There will be tribulation and distress for every soul of man who does evil, of the Jew first and also the Greek, [or the Gentile,] but glory and honor and peace to everyone who does good, to the Jew first and also to the Gentile.

So, understand that this entire section of Romans is built on this contrast between Jew and Gentile, and so it makes perfect sense that he would focus his indictments against humanity in those two categories. That is exactly what I believe he does, chapter 1 and then chapter 2 and following.

A second argument I would use, and we will see this as it unfolds later, but in Romans 2:11-14, Paul contrasts the Gentiles who do not have the Law, the written Law, with the Jews who do have the written Law. And so, clearly he's intending, as he dealt with chapter 1, the Gentiles who do not have the Law, the emphasis in chapter 2 is on those who do have the Law, which would be the Jews.

A third reason that I would argue that these verses have to do with the Jews is the way Paul introduces the label Jew in verse 17. If you just read this chapter, the way he introduces it in verse 17 implies that he has already been speaking about them and to them. Be a strange way to start, in verse 17, if that was the first time that he had mentioned them, and again, we'll see that when we get there. I have to agree with Douglas Moo, one of the best commentators on the book of Romans, when he writes this, "Although Paul does not explicitly identify his target until verse 17, it is clear that already the Jew is his hidden target. By beginning his indictment in general terms, Paul enables his readers to share in the discovery process that he probably used when he preached the gospel to mixed audiences."

So chapter 1 then is Paul's indictment of unbelieving pagans and then for the next chapter and a half, beginning in chapter 2 verse 1, he will indict the Jews. Now, for Paul's approach here to make sense you've got to transport yourself back into the spiritual atmosphere of the first century. In the first century, really every person on the planet fit neatly into one of two religious categories. First of all, there were Gentiles, who either claimed to worship nothing if they were secularists or who claimed to worship one of the gods of the nations, idols. The other category was Jew, or Gentile proselytes to Judaism, who claimed to worship the one true God revealed in the Hebrew Scriptures.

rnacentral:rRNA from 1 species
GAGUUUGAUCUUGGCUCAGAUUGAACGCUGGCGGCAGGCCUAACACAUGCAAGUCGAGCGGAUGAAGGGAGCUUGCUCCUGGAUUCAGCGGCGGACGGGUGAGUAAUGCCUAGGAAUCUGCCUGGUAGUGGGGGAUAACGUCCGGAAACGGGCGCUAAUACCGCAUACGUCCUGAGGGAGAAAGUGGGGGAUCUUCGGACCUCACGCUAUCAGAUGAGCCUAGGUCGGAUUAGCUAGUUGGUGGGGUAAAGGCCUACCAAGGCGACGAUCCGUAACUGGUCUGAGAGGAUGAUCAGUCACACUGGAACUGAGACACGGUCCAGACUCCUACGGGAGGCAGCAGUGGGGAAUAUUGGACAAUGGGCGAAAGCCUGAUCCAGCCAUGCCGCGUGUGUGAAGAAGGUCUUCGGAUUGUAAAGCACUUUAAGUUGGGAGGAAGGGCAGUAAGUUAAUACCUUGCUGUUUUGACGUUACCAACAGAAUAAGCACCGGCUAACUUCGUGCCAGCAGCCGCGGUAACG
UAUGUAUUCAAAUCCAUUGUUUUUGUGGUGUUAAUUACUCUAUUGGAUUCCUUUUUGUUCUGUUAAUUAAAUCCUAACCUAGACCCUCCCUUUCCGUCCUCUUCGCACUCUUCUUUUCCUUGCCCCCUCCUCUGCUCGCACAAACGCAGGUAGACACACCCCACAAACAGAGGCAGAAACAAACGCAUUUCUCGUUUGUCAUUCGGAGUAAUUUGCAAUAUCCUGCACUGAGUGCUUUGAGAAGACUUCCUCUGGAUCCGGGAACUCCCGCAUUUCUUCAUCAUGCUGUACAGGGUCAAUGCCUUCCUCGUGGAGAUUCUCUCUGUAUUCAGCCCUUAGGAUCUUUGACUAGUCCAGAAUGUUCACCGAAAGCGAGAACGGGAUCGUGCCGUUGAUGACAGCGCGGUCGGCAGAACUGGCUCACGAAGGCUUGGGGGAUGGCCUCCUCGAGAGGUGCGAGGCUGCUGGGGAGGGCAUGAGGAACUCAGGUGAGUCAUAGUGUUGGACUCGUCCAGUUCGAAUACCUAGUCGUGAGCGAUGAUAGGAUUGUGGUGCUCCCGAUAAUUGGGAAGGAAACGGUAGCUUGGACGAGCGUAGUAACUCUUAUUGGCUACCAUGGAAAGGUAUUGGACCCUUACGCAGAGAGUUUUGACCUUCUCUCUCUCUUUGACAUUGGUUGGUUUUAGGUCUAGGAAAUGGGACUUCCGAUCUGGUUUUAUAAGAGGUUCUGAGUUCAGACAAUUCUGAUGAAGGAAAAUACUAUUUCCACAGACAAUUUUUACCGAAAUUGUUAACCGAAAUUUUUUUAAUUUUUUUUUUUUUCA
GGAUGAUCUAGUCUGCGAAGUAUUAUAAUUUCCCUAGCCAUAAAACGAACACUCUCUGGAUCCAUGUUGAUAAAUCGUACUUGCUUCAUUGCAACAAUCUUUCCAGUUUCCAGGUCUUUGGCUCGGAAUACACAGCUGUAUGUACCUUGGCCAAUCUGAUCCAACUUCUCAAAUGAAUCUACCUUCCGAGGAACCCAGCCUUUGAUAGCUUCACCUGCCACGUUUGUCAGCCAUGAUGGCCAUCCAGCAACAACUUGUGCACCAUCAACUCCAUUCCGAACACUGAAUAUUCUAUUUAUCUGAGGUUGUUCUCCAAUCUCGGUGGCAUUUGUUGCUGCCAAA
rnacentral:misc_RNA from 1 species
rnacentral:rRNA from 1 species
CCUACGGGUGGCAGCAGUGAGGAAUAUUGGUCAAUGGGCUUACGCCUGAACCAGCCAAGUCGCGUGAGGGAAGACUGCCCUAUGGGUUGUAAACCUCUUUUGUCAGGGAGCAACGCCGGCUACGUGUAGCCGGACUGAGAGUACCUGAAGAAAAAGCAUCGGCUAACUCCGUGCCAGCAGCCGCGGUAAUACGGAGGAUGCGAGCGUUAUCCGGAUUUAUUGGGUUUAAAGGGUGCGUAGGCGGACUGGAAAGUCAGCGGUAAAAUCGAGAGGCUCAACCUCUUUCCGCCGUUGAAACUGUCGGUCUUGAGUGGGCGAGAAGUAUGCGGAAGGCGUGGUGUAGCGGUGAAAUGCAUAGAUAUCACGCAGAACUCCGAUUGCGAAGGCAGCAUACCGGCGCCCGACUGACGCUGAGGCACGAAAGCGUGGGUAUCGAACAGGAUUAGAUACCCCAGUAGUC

Those were the only two categories, but let's drill down a little bit on that second category. Because among those who claimed to worship the one true God, there were a few genuine Old Testament believers who really knew and loved the God of Scripture. The Old Testament calls them the remnant. They lived by faith. Their confidence was in God as Savior. I hope you understand that from the fall there has always been only one way to be right with God and that has always been through the work of the One who was promised on the very day of the fall, the Redeemer who would come and finally deal completely with sin. These genuine Old Testament believers were awaiting their Messiah, who, in the words of Isaiah 53, would become their guilt offering.

But sadly, most first century Jews were not genuine believers. They had misunderstood the entire purpose of the Law and they had concluded that they could gain a right standing before God based on their own obedience to God's Law. This false idea was so prevalent that by the first century Judaism had become, in reality, a false works-based religion.

So then, the spiritual categories in the first century were these three. First of all, there were lost pagans. Paul addresses them, as we've seen, in chapter 1. The second category were lost Jews and Gentile proselytes who had attached themselves to the true God, but who were trying to attain heaven based on their own righteousness. That's who Paul takes up in chapter 2 verse 1 through chapter 3 verse 8.

This same group, by the way, is described over in Romans 10. Turn over there, Romans 10. Paul here talks about Israel, verse 1, "Brethren, my heart's desire, my prayer to God for them," notice this, "is for their," what? "Salvation." Most Jewish people in the first century were not saved. They needed salvation. Now, why? Why were they not even saved in an Old Testament sense? Verse 2, "For I testify about them that they have a zeal for God, but not in accordance with true biblical knowledge." They misunderstood. "For not knowing about God's righteousness and seeking to establish their own." In other words, they didn't understand the gift of righteousness that Paul's talked about in Romans and they thought instead the Law was all about obeying enough to make yourself acceptable to God. They misunderstood. They tried to establish their own righteousness. "They did not subject themselves," to the gospel, "to the righteousness of God," in the gospel.